Reckless at Breakneck

Last weekend brought large numbers of hikers to Breakneck Ridge for the first time this spring. At mid-afternoon on Sunday, three hot-rodders in succession demonstrated their three-point-turn skills at the most congested section of Route 9D, just north of the tunnel. The photographer dubbed them Larry, Moe and Curly.

Photos by Michael Turton

The Current is a nonprofit supported by its readers; please consider a year-end gift.

17 Responses to "Reckless at Breakneck"

  1. Zanne Stewart
    Zanne Stewart   April 27, 2018 at 4:35 pm

    Bracing myself the next six months of very defensive driving along that stretch.

  2. Patricia Curcuruto Biondi
    Patricia Curcuruto Biondi   April 27, 2018 at 4:48 pm

    This road is a disaster waiting to happen. Someone is going to be killed.

    • Anne Eva
      Anne Eva   April 27, 2018 at 5:35 pm

      I know! The pedestrians! The people angling for parking! The drivers late to work!

  3. Stephen Browne   April 27, 2018 at 4:53 pm

    Dumb, dumber and dumbest!

  4. Ralph Basso
    Ralph Basso   April 27, 2018 at 5:45 pm

    Where are the police?

  5. Patricia Kennedy   April 27, 2018 at 5:48 pm

    The speed limit should be 30. I think that some speed bumps would help as well. It’s extremely dangerous on that stretch.

  6. Mark Giordano   April 27, 2018 at 6:53 pm

    A good solution is to start charging for parking. Hopefully that would minimize the crowds. That or have the police start enforcing the parking/traffic violations. more.

  7. Shelley Gilbert   April 27, 2018 at 9:14 pm

    Changing the speed limit along 9D would be a simple, effective action that would make this driving corridor much safer for cars and pedestrians. Our inability to change the speed limit is an example of the powerlessness citizens feel. I guess we bring it up at the Town Board again.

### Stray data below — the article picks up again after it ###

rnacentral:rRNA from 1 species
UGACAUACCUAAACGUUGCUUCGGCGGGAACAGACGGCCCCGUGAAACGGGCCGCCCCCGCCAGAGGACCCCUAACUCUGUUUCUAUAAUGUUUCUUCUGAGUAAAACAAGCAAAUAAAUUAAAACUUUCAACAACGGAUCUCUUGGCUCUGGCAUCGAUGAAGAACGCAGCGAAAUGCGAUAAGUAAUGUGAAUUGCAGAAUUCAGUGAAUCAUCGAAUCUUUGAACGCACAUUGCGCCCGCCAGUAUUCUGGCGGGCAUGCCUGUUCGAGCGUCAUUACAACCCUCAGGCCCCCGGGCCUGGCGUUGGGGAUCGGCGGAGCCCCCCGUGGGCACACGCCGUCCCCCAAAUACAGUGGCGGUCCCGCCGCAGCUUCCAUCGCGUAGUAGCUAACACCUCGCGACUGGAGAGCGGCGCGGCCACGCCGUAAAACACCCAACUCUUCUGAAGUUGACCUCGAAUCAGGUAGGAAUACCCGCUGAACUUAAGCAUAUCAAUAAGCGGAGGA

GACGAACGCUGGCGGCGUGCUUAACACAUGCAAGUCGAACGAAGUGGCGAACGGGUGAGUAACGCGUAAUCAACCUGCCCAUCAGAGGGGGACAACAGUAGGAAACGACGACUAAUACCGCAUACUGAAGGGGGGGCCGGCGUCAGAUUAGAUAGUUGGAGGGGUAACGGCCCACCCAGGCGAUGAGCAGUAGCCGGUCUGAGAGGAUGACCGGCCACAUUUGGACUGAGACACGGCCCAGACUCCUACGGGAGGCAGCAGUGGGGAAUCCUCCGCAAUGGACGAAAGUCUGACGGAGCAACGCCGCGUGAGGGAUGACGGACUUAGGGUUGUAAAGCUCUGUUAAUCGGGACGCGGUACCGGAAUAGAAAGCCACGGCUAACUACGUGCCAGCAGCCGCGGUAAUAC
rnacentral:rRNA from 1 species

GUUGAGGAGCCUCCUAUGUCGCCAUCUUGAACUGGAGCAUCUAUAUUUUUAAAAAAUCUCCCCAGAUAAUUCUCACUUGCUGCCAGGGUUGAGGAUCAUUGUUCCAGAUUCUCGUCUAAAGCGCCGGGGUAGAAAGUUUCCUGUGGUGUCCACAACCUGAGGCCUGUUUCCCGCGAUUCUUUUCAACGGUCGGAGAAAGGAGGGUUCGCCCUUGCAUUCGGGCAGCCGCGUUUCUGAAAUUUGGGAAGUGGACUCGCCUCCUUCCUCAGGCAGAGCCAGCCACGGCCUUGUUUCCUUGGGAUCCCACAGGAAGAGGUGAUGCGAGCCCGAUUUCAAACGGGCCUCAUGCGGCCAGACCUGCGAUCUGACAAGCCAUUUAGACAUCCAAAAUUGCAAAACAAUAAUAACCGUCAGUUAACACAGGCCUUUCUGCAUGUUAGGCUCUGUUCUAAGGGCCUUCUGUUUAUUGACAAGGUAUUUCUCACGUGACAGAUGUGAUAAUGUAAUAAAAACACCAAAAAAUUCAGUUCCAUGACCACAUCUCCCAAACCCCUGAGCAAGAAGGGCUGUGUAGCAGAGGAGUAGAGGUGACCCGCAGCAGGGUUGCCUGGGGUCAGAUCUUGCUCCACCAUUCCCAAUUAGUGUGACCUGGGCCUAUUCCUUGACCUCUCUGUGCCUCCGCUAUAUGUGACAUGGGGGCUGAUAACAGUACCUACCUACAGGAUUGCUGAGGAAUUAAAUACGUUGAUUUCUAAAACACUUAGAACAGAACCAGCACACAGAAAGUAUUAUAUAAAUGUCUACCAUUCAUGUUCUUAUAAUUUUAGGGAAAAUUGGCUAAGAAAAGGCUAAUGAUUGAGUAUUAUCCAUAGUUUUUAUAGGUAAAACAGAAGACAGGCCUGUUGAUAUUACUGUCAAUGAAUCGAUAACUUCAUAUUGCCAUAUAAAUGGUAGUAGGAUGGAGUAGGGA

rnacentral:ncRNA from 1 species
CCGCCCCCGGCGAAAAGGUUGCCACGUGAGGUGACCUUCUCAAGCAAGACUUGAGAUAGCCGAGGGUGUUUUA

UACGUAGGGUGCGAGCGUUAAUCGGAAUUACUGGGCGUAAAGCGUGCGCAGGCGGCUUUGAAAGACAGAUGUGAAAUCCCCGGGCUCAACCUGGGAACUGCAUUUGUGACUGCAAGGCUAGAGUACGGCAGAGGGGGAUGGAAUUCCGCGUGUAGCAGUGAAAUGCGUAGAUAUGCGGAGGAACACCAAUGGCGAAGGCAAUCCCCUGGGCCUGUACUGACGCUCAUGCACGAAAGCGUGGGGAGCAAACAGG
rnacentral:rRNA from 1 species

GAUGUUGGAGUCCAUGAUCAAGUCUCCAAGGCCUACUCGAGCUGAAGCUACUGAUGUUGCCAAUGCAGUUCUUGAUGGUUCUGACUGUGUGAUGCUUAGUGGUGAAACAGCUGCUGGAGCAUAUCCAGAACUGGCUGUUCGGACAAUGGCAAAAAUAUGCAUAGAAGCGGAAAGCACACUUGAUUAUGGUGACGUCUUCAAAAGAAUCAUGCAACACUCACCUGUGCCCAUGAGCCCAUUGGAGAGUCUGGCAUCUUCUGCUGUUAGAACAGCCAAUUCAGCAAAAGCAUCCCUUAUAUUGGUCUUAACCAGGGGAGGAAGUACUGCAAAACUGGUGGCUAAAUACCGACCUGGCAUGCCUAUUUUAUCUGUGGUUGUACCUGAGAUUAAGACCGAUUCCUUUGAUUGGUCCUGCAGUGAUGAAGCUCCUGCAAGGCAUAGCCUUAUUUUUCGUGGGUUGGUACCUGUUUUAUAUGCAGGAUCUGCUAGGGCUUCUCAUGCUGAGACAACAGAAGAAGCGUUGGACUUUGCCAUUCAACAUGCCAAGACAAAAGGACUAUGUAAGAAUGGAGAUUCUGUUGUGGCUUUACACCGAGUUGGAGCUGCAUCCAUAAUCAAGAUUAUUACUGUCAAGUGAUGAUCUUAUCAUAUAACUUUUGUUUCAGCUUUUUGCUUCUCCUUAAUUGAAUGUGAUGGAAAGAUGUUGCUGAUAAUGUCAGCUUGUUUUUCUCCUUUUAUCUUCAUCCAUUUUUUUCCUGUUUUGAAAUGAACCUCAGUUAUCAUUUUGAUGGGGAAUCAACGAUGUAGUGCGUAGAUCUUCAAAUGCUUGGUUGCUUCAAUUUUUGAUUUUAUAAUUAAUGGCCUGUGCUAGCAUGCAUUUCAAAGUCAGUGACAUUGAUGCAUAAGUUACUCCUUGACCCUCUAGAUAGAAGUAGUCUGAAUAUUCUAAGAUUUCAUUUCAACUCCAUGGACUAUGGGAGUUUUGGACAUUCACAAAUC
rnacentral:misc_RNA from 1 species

8. Erin Giunta   April 27, 2018 at 9:42 pm

    Is this seriously news?

  9. Michael Armstrong   April 27, 2018 at 10:46 pm

    I call this traffic management by child sacrifice. In this century, in this place, we should be civilized enough to know when a road — 9D north of Cold Spring — is really, really dangerous. We should not demand to see the blood of a child before we act to reduce the legal speeds.

  10. Jonathan Kruk   April 28, 2018 at 7:58 am

    Speed bumps and a thirty mike limit would only impede weekday, traffic hindering those of us needing to travel expeditiously on Route 9 to get to work. Charging for parking? Now there’s a better solution.

  11. Wade Hathaway   April 28, 2018 at 1:50 pm

    Time-specific speed reduction is probably the best start. Can we purpose “30 MPH when Flashing” signs? Increased traffic enforcement would also help. Development of the walking/bike path between Cold Spring and Beacon would help. Lots of options, little motivation to act.

    Paid parking makes sense if the state actually invests in a proper parking lot, but this would do little regarding the traffic. (Why would we want to discourage the number of people actually coming? A lot of these people spend money in our communities.)